Use Cases for Digitizing Voluntary Carbon Offset Project Design Docs | by Anton Root | AlliedCrowds | Jul, 2022 | Medium



As the voluntary carbon market continues to attract increased attention, activity, and funding, there’s an acute need for more and better data on the projects that issue credits.

After all, as companies look to invest hundreds of thousands, if not millions, of dollars into their carbon offsetting (and wider sustainability) efforts, it’s worthwhile to have the best data on the projects that are available to them.

To that end, we’ve aggregated data on nearly 20,000 projects and over 275,000 retirement transactions in order to provide the best overview of the market. We’ve augmented that data with pricing, information on brokers and corporates, as well as inputs from our partners like BeZero, Emsurge, and AirCarbon Exchange.

In order to go several steps beyond, we’ve begun to tap into the wealth of data that exists in the project design documents (PDDs) and other documents associated with projects. This information is highly valuable to those that are looking into projects — indeed, one analyst in this space described his job as distilling a 250 page PDDs into 5 page overviews.

To date, the only way to do that has been to download the projects manually, and scan through them one-by-one. This allows users to uncover the data they need, but it’s not scalable or efficient.

We have digitized PDDs from Gold Standard and Verra projects, enabling two key functionalities: keyword and phrase searches, and table extraction. Below are some use cases for how these methods may be applied.

A while back, a broker I had spoken with shared their frustration: a client, who sponsored a famous bicycle race, was looking to offset only with projects that had anything to do with bikes. But, how could one find that info?

Searching for bicycle projects doesn’t have to be tire-ing.

Looking for the needle in the haystack projects is a great use case for PDD searching. By searching for ‘bicycle’ as a keyword, we were able to identify ~30 projects that may be a fit. Not all projects are as relevant as the Bikes for the Planet project (which was recently auctioned on AirCarbon), but this method allows anyone to create a list of potential projects to engage with as they look for niche or highly sector-specific projects.

For those looking to uncover more technical information about projects, being able to filter through the projects to pull out all relevant ones can save hours of research. That can be something as straightforward as identifying all projects that mention the use of ‘LiDAR’ or ‘remote sensing’, or it can be used to find projects that include a financial analysis as part of their application.

Helping analysts conduct actionable research since 2022.

For instance, the screenshot above shows an example result of a project that mentions both ‘IRR’ and ‘NPV’. Those that are looking at setting up their own project and want to see how past projects have modeled growth, or those looking for projects to invest in, will find this type of information invaluable.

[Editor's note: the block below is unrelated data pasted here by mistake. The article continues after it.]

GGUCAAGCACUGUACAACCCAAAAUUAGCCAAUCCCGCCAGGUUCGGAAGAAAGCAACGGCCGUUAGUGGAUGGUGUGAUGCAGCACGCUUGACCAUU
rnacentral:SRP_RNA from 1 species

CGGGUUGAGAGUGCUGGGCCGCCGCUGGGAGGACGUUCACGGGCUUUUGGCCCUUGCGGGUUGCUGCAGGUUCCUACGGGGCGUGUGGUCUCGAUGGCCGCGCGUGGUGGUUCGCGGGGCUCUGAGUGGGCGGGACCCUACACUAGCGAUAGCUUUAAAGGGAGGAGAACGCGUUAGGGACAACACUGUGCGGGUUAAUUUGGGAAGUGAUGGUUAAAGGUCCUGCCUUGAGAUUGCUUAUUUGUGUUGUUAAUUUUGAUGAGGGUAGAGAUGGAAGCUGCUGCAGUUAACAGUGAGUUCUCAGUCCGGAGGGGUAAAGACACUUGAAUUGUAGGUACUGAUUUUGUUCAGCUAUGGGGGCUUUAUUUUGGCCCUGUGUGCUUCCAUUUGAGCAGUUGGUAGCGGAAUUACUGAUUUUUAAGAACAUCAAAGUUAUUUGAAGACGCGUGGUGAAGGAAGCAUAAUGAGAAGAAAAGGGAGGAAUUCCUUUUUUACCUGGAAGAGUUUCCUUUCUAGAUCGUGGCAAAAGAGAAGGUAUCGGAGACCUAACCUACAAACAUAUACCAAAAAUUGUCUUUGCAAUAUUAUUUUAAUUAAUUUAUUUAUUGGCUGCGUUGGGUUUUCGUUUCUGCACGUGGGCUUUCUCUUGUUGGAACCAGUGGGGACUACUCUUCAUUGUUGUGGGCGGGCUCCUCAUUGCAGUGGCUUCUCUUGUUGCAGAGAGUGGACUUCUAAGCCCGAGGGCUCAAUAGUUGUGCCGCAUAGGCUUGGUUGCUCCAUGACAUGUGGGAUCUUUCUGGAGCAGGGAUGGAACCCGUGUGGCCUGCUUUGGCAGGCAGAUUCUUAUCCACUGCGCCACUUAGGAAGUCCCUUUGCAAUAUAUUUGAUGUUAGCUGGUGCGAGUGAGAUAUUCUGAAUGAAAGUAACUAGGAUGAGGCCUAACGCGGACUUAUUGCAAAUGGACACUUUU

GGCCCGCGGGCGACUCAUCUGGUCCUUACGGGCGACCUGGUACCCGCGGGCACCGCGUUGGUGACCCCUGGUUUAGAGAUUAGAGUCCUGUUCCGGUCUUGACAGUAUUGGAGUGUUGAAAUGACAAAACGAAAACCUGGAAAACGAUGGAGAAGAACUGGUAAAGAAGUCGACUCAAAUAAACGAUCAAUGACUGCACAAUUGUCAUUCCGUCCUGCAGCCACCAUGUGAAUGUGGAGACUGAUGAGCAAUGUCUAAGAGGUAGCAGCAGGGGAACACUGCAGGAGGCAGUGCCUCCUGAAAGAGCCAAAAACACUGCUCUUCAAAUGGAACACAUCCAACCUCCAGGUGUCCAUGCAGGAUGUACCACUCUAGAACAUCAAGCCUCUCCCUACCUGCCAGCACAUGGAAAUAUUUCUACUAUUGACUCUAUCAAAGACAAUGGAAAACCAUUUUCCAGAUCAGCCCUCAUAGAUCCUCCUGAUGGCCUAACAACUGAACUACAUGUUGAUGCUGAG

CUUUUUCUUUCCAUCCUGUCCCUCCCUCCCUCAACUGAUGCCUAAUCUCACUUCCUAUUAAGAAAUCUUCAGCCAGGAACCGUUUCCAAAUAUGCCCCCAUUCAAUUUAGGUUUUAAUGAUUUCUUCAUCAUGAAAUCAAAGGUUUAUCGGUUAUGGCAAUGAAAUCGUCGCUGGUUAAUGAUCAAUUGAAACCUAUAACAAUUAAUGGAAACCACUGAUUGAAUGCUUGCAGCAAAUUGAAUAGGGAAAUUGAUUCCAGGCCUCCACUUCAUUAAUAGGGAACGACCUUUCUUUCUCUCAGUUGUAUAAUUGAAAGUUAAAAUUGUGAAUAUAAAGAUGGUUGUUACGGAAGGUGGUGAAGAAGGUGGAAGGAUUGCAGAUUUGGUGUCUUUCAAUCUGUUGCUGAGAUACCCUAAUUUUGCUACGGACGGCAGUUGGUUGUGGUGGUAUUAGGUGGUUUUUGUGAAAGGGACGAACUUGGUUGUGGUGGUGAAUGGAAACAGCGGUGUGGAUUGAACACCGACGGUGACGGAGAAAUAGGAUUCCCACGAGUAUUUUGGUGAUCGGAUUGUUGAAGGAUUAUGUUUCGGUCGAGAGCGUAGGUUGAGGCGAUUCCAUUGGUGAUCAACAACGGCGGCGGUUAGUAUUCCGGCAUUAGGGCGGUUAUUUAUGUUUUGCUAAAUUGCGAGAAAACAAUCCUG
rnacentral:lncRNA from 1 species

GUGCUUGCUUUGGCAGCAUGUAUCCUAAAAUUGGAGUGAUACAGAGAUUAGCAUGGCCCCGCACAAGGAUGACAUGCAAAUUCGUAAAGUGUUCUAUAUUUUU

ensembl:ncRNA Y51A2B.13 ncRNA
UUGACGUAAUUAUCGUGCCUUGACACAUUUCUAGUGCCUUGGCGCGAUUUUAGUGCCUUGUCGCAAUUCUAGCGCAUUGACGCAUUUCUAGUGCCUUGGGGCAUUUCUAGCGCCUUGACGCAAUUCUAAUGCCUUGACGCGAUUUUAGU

Searching for special characters, like @, allows users to find contact info for projects very quickly. Someone looking to better understand the VCM market in Brazilian forestry, for example, would likely want to speak with as many people from as many projects as possible. Searching for @ among all relevant PDDs will pull in multiple contact points for each project, allowing users to quickly identify a list of contacts to engage across multiple projects.

Actual contact info redacted because GDPR.

Land use projects that allocate credits to a buffer pool need to explain their risks (or lack thereof), in order to determine the size of the buffer. This data can be found in the Risk Element documentation, or in the PDD, if it’s included. Our table extraction capability allows users to quickly identify which projects have these tables associated with them — by searching only for projects that have specific keywords in their tables — and extract the data for further analysis. This can help analysts identify the projects with the highest (or lowest) natural risk, and input this datapoint into their potential investment or purchasing decisions.

Compare useful data points across projects.

One data point that we have already begun to incorporate into our Premium Dashboard is the annual emissions during project lifetime. Each project reports the average annual emissions reductions / credits, but this can be misleading: projects rarely have a consistent number of credits they generate annually. In some years, they may even generate negative credits. In order to be able to accurately assess the number of credits a project will generate, it’s important to know the actual annual forecasts, which we’ve extracted and begun to incorporate into our database.

Turning messy data…
…into actionable insights.

It’s also a useful tool to be able to compare project forecasts with what the actual issuances have been year over year. For example, if a project developer consistently overestimates the number of credits their projects will issue, it’s useful to know prior to making any deals with them.